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capital project

Mount Sinai Superintendent Gordon Brosdal and Trustee Robert Sweeney listen to parents’ concerns at a board meeting. File photo by Erika Karp

Mount Sinai School District’s $25 million bond failed to pass Dec. 11 with a vote of 664-428.

Members of the school board walked dejectedly through the halls of the elementary school Monday night after learning of the results.

“There was so much misinformation on Facebook,” board Trustee Edward Law said immediately after the votes were tallied. “I feel like we had an open and transparent process.”

Some residents in community Facebook groups said they were concerned about rising taxes in the Mount Sinai area. Others criticized the district’s use of its finances in the past, specifically the June New York State comptroller’s audit which said the district had amassed millions of dollars in its unrestricted fund balance, higher than the legal maximum of 4 percent of the district’s overall budget.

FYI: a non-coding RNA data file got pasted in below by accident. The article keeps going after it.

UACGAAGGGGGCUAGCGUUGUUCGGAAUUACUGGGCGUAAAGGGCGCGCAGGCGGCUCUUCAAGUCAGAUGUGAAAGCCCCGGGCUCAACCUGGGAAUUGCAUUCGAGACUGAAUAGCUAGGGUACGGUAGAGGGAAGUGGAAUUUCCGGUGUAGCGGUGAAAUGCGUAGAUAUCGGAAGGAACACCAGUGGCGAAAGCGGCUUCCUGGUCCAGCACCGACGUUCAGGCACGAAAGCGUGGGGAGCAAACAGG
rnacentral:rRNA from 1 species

“I feel like we had an open and transparent process.”

— Trustee Ed Law

District officials said they have made efforts to create a rainy-day fund that could support them in the case of an emergency, but they have said they would be establishing a capital reserve of $750,000 to reduce that fund balance, which could go toward additional capital projects in the future. 

In May, residents voted 787-176 to use $5 million of the district’s capital reserve funds for a project that renovated the high school’s turf football field and track, replaced a portion of the high school’s ailing roof and created new fencing around the perimeter of the school campus.

This new bond would have borrowed $2.1 million to finish repairs for the high school’s roof, which teachers and district officials said was causing water damage in rooms throughout the building.